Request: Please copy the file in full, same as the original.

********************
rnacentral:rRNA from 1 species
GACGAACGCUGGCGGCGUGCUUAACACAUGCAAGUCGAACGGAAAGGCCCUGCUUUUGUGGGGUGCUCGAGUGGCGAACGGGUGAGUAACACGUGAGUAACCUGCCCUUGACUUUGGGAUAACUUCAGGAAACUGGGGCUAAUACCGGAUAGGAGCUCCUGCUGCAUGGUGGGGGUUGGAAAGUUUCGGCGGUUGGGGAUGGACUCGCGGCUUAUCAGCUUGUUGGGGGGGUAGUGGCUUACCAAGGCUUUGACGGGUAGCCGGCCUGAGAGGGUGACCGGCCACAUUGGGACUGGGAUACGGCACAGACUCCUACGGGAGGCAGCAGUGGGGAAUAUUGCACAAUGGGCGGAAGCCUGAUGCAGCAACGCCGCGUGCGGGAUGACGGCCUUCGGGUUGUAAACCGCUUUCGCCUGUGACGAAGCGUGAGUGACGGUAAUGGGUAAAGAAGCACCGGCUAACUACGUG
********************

rnacentral:rRNA from 1 species
GACGAACGCUGGCGGCGUGCUUAACACAUGCAAGUCGAACGGAAAGGCCCUGCUUUUGUGGGGUGCUCGAGUGGCGAACGGGUGAGUAACACGUGAGUAACCUGCCCUUGACUUUGGGAUAACUUCAGGAAACUGGGGCUAAUACCGGAUAGGAGCUCCUGCUGCAUGGUGGGGGUUGGAAAGUUUCGGCGGUUGGGGAUGGACUCGCGGCUUAUCAGCUUGUUGGGGGGGUAGUGGCUUACCAAGGCUUUGACGGGUAGCCGGCCUGAGAGGGUGACCGGCCACAUUGGGACUGGGAUACGGCACAGACUCCUACGGGAGGCAGCAGUGGGGAAUAUUGCACAAUGGGCGGAAGCCUGAUGCAGCAACGCCGCGUGCGGGAUGACGGCCUUCGGGUUGUAAACCGCUUUCGCCUGUGACGAAGCGUGAGUGACGGUAAUGGGUAAAGAAGCACCGGCUAACUACGUG